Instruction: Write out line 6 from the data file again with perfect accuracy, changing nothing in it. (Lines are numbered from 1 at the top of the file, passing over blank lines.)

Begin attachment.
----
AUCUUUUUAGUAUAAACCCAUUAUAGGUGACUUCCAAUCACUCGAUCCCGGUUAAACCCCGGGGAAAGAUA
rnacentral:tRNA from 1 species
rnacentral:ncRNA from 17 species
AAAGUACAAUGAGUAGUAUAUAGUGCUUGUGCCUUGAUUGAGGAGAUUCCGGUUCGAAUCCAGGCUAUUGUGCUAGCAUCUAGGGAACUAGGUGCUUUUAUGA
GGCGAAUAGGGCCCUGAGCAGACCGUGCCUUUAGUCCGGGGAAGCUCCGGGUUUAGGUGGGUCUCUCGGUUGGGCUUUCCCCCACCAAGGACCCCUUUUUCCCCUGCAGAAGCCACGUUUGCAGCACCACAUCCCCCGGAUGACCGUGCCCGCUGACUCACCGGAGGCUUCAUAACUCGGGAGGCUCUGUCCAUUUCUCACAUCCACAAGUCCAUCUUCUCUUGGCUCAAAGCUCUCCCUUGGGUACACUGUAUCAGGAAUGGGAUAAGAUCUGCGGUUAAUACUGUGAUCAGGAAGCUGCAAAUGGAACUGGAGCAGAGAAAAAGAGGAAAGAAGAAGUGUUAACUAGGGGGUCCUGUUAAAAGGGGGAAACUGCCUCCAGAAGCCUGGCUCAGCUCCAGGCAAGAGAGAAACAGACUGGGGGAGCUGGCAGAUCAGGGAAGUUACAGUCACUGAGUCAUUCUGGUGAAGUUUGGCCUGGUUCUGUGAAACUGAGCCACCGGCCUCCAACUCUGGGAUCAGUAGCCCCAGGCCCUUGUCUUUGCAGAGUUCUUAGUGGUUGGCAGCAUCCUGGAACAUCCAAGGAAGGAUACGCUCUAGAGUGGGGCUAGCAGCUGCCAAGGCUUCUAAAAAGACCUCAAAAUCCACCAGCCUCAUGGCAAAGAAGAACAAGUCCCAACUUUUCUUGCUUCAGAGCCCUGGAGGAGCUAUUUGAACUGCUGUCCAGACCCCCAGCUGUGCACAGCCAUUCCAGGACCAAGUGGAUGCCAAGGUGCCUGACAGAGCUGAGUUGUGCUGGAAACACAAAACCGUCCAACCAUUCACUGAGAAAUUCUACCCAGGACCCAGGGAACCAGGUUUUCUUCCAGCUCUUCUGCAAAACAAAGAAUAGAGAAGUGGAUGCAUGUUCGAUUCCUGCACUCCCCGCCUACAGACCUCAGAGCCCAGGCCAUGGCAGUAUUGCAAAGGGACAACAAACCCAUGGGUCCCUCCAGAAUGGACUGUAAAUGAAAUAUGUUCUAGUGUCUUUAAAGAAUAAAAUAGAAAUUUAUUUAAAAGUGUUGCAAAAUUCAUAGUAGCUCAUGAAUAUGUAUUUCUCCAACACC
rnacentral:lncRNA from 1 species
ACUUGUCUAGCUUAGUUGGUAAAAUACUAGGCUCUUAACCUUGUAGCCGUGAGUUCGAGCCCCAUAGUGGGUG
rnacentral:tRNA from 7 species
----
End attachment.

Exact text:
rnacentral:lncRNA from 1 species